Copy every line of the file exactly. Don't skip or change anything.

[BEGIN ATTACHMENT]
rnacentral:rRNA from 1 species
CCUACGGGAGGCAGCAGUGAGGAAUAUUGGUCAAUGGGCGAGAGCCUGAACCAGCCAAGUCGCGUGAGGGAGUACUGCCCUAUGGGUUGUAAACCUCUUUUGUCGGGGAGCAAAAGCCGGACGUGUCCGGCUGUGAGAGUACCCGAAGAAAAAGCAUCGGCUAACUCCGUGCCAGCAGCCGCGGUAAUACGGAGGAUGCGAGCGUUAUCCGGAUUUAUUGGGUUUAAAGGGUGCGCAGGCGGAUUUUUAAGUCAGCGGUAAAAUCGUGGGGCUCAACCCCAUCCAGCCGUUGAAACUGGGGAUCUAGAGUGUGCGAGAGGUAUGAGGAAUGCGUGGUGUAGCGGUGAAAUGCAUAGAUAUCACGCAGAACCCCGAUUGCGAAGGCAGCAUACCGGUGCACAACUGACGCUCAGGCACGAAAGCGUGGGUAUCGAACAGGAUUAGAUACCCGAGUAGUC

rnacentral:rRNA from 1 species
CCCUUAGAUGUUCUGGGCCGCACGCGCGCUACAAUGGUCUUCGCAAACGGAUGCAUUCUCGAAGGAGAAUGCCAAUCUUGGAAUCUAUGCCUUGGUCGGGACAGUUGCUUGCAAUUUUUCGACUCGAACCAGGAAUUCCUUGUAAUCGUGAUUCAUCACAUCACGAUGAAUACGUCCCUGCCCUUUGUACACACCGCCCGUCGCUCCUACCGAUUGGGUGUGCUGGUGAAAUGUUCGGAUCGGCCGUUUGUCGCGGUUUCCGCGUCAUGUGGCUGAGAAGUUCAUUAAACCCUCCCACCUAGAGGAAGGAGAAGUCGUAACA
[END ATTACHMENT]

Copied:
rnacentral:rRNA from 1 species
CCUACGGGAGGCAGCAGUGAGGAAUAUUGGUCAAUGGGCGAGAGCCUGAACCAGCCAAGUCGCGUGAGGGAGUACUGCCCUAUGGGUUGUAAACCUCUUUUGUCGGGGAGCAAAAGCCGGACGUGUCCGGCUGUGAGAGUACCCGAAGAAAAAGCAUCGGCUAACUCCGUGCCAGCAGCCGCGGUAAUACGGAGGAUGCGAGCGUUAUCCGGAUUUAUUGGGUUUAAAGGGUGCGCAGGCGGAUUUUUAAGUCAGCGGUAAAAUCGUGGGGCUCAACCCCAUCCAGCCGUUGAAACUGGGGAUCUAGAGUGUGCGAGAGGUAUGAGGAAUGCGUGGUGUAGCGGUGAAAUGCAUAGAUAUCACGCAGAACCCCGAUUGCGAAGGCAGCAUACCGGUGCACAACUGACGCUCAGGCACGAAAGCGUGGGUAUCGAACAGGAUUAGAUACCCGAGUAGUC

rnacentral:rRNA from 1 species
CCCUUAGAUGUUCUGGGCCGCACGCGCGCUACAAUGGUCUUCGCAAACGGAUGCAUUCUCGAAGGAGAAUGCCAAUCUUGGAAUCUAUGCCUUGGUCGGGACAGUUGCUUGCAAUUUUUCGACUCGAACCAGGAAUUCCUUGUAAUCGUGAUUCAUCACAUCACGAUGAAUACGUCCCUGCCCUUUGUACACACCGCCCGUCGCUCCUACCGAUUGGGUGUGCUGGUGAAAUGUUCGGAUCGGCCGUUUGUCGCGGUUUCCGCGUCAUGUGGCUGAGAAGUUCAUUAAACCCUCCCACCUAGAGGAAGGAGAAGUCGUAACA